Places with an abundance of fire scars tend to have naturally low fuel loadings and frequent fires. But these sites may not be representative of the surrounding landscape such as north facing slopes or valley bottoms which may be wetter or have higher productivity and, thus, longer intervals between blazes.

In fact, the reason non-sampled areas lack significant numbers of fire-scarred trees is often that all trees were killed in high severity fires, but the omission of such areas from fire history studies leads to the false conclusion that such blazes are unusual in dry low-elevation forests.

The second flaw is composite fire scars. Most fire studies add up all the fire scars recorded into a “composite” timeline. As one fire scientist suggests, all this does is count fires.

The problem with this technique is that the more scars you find and count over bigger and bigger areas, the shorter the fire interval becomes and the riskier your assumption that any fire recorded by one tree burned throughout the entire study area, even though some trees didn’t scar in the fire event.

To give one hypothetical example of how this counting fire might skew the results, let’s pretend we have a 1000-acre study area. In that study area, we find evidence for at least one fire every year between 1900 and 2000 or a fire interval of 1 year. However, if each of those fires only burned 1 acre then in a hundred years at most only 10% of the 1000 acres would have been burned.  At that rate, the fire rotation would be 1000 years.

Now the above example is an extreme hypothetical situation, but one can see how important it is to recognize that not all fires are equal. You can have many fires that may burn only a small area and have a small influence on the larger forest ecosystem. Most of the ecological “work” of fire is done by the infrequent but larger blazes. And nearly all of these are mixed to high severity blazes.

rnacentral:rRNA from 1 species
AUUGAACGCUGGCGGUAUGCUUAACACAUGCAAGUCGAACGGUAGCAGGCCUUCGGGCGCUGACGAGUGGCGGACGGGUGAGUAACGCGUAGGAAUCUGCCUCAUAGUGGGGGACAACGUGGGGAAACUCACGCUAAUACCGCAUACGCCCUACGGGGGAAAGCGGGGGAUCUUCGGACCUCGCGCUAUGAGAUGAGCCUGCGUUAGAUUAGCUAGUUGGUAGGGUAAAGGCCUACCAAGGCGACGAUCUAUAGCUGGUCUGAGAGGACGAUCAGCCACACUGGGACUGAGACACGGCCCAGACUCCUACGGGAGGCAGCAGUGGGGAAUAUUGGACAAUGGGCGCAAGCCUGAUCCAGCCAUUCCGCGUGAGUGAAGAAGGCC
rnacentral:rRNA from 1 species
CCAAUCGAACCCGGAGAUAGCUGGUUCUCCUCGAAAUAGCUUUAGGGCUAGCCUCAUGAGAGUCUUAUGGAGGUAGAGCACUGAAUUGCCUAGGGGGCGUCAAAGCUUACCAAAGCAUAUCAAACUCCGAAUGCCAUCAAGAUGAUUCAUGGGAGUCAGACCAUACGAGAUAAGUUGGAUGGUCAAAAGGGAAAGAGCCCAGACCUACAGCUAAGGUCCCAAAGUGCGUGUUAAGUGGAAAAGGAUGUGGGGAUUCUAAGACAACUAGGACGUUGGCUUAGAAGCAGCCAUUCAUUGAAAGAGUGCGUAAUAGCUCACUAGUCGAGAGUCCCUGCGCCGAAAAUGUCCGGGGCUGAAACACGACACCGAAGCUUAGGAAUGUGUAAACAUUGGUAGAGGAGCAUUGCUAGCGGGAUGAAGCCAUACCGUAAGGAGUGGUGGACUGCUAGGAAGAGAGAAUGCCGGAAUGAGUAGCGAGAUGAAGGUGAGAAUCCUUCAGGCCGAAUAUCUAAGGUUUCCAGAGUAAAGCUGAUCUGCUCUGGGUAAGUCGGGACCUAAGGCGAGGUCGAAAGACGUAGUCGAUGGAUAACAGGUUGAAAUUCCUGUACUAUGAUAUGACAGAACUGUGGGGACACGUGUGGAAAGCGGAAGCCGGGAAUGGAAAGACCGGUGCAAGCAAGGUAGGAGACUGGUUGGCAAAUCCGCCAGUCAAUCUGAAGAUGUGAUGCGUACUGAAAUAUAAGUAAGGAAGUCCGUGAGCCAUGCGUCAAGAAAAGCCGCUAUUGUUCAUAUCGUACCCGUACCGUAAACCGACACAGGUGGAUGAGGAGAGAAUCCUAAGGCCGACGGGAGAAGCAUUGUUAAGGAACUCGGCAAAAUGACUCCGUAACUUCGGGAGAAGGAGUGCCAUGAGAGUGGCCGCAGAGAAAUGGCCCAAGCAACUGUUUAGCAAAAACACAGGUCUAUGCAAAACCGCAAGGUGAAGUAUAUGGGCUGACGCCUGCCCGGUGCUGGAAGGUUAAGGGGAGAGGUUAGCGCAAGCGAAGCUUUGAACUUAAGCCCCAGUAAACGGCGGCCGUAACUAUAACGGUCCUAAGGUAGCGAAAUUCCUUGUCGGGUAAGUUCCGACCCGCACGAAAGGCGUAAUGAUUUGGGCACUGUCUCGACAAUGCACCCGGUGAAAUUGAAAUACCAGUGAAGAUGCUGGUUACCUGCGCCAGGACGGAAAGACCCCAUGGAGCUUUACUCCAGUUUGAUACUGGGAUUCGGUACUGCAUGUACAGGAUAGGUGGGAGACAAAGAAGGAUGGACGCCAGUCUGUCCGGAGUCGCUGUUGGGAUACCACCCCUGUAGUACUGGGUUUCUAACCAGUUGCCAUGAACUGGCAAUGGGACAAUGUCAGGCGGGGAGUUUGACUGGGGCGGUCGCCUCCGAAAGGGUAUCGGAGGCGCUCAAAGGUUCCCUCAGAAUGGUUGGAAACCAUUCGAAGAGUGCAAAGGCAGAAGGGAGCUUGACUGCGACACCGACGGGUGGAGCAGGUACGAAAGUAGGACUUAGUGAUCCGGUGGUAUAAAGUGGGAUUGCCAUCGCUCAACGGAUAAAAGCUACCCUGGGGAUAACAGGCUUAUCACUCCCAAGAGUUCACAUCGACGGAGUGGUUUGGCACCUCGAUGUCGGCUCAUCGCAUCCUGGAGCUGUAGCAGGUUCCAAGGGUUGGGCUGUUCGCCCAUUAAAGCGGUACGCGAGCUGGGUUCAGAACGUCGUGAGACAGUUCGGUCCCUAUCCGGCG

Recognizing this problem, some fire researchers now use various “filters” to counter this issue. For instance, they may only include fire scars recorded the same year on 3 or more trees. Still, this may not solve the problem because you may find three fire-scarred trees close together, thus be the result of a single small burn.

Unless scarred trees are sampled positioned geographically throughout the study area, even filters will not eliminate the upward bias in the frequency of fire in a given study area.

In other words, your composite may suggest a fire burned within your study area once every 20 years or whatever, but if most of these blazes burned only a few trees, then it is not accurate to conclude that the fire burned the entire area.

How frequent are fires that burn most or all of a large study area? These larger blazes may be far less frequent and take decades to centuries to burn most or all of the study area. Since the critical issue for the forest is the occurrence of the occasional blaze that burns most, if not all, of the entire study area, the fire rotation is the important number to focus on, not the number of fires.

The third flaw is an emphasis on the AVERAGE fire interval rather than the DISTRIBUTION of fire intervals. If you read fire studies carefully they will usually note the longest interval without any recorded fire. Often this is a significant period of many decades. Why is this important? Because the average person hears that there were fires, ON AVERAGE, every 10-20 years and assumes that fires operate like clocks on a regular schedule.

Fires are not clocks. Fires burn in episodic groups usually dictated by periodic droughts that are controlled by shifts in offshore currents like the Pacific Decadal Oscillation, thus tend to be grouped together in certain drought-prone decades.  The DISTRIBUTION of a fire interval shows clearly that there are always relatively long periods with little fire, even though the AVERAGE fire return interval might be 10-20 years.

Why is it important that we consider historic distributions of fire intervals rather than average fire intervals? Because the common assumption is that if the fire interval averages 10-20 years, fires would keep tree density low and reduced fuel build up. However, if there are also extremely long fire intervals of 50-80 years or more associated with the DISTRIBUTION of fire intervals, then there may not be an “abnormal” buildup of fuel or increase in tree density, and nothing is out of the ordinary at all.